For years we've heard how necessary tech is to education, work, and life. The U.S. is losing its innovative edge. Your startup needs the right tech. Want your kids to be successful in the tech field? Let them grow up around tech innovators.
But even as tech companies design software and hardware to be addictive, top executives are putting limits on their children's use of the very technology that made the parents' fortunes. Even as they want other families to indulge in the frequent use of their products, they are wary of the effect of the hardware and software on their own kin.
That raises two questions. One is what they might know about technology that many people outside the industry should. The other is why people would promote products and services that they know or even suspect cause problems, particularly for children.
Tech luminaries like Steve Jobs and Bill Gates have publicly said in the past that they limited the amount of technology their kids could use.
For example, Nick Bilton at the New York Times was surprised when Jobs, at the time the iPad was still news, said, "We limit how much technology our kids use at home." They had never touched the then-new device.
Over the last few years, more stories about tech professionals limiting screen time for their kids have come out, like the one that came out Sunday at Business Insider.
A 2017 survey conducted by the Silicon Valley Community Foundation found among 907 Silicon Valley parents that despite high confidence in technology's benefits, many parents now have serious concerns about tech's impact on kids' psychological and social development.
"You can't put your face in a device and expect to develop a long-term attention span," Taewoo Kim, chief AI engineer at the machine-learning startup One Smart Lab, told Business Insider.
When you're really deep in technology, you begin to realize how much of it is an intellectual construct that you express in different ways, whether on a computer or even a pad of paper and pencil. The computer doesn't make the software engineer. It's the engineer who makes it possible for computers to do something useful.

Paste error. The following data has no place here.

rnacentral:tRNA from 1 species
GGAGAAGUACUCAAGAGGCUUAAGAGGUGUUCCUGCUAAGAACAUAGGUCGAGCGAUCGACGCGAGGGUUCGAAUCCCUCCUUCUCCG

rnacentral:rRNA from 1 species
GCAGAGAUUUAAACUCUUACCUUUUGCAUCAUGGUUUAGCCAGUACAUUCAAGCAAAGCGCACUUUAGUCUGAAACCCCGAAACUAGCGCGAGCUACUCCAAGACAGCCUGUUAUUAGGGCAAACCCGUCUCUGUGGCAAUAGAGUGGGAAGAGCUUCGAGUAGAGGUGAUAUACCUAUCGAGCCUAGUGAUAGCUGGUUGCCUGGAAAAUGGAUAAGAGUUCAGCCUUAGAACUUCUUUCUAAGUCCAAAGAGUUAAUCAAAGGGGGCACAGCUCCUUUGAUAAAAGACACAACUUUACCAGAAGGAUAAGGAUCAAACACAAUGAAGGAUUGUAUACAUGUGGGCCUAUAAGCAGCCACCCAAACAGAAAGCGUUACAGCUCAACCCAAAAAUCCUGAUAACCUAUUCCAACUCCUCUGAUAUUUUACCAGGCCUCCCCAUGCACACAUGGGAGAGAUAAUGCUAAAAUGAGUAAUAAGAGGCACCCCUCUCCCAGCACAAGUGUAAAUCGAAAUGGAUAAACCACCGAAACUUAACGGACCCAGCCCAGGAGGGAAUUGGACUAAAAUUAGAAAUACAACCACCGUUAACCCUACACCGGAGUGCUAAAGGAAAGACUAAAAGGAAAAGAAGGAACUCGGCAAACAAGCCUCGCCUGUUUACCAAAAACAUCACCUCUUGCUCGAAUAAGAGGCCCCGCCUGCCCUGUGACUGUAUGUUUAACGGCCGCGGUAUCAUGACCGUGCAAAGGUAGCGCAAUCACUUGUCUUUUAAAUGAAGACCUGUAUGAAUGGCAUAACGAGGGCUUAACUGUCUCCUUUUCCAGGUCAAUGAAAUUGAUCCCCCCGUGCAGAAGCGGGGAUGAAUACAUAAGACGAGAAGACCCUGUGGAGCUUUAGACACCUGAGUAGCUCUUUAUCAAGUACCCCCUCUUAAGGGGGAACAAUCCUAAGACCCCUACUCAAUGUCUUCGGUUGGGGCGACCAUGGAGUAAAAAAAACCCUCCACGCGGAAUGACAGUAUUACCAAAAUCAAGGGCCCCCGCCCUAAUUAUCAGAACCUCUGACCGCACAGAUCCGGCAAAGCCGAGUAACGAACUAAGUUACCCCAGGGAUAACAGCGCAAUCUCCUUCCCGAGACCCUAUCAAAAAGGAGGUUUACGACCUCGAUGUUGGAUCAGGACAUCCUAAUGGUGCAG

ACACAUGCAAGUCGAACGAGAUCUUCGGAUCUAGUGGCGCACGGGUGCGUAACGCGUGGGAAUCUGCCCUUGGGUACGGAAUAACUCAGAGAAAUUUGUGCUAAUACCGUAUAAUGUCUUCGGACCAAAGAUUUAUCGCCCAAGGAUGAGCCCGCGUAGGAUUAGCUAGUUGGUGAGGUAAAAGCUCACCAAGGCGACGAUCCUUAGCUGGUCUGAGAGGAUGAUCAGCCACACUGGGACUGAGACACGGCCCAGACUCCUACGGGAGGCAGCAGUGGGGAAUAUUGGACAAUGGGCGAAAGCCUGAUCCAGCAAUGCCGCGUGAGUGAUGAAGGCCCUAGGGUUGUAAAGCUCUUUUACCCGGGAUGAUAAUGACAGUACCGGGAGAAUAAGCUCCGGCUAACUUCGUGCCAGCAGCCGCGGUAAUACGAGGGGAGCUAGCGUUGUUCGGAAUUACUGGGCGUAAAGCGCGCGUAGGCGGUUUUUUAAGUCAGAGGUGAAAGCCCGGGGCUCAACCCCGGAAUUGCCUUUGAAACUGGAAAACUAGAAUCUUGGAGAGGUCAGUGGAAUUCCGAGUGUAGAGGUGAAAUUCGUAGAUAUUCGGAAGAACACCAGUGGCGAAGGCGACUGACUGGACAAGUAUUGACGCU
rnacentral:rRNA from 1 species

Technologies realize this. If you're interviewed at a top tech firm, chances are you'll need to demonstrate reasoning and technology knowledge -- with a white board and marker, not a computer. Not screens. They're secondary, and if you can't direct your mind to a problem, you won't succeed.
The industry has targeted children for decades with educational discounts. The intent was to seed the future market, getting young people in high school and college accustomed to specific brands. The bet was that eventually the future adults would order products and tend toward the familiar.
The practices have gone far beyond familiarity into creating a form of addiction as business models have moved increasingly toward advertising and service delivery on mobile devices. When you depend on the money that comes only when people pay attention to their devices, you need to keep people using those products.
Former Apple executive Tony Fadell was involved with the original design of the iPhone and iPad and the founding of Nest, which Google acquired. He has begun warning of the dangers of the design tricks companies use to keep people coming back over and over.
As former Google design ethicist Tristan Harris says people at companies like his former employer "through their choices will steer what a billion people are thinking today." That definitely means kids.
Companies dissemble but the clear evidence continues to mount. In 2015, Google released YouTube Kids, an app to create a family-friendly version of YouTube for children. Facebook Messenger Kids reportedly targets kids as young as 6.
Addictive design practices also target adults.
It isn't a first for companies to do things that they know may be a problem. Look at the history of the tobacco industry. Business goals become all consuming and executives march ahead to succeed, no matter what the ultimate cost could be.
The direction is not ethically or even practically sustainable. If the focus is on maintaining attention and not necessarily delivering value for time, eventually a company starts losing audience. In the fourth quarter of 2017, Facebook saw a drop in daily North American audience and an overall decrease in time spent on the platform.
Perhaps the answer is to turn away from growth as an end in itself and instead find ways to develop a sustainable business. See what you would need to keep a regular flow of revenue that would be profitable and keep things moving. Consider the value you'd need to deliver to be of constant interest to customers. If things are slowing, as they will periodically in any business, look at new areas and services that you might address rather than finding "tricks" to keep people involved. Always remember that you still go home and look at friends and loved ones at the end of the day. Make sure you can do it with your head high and a clear conscience.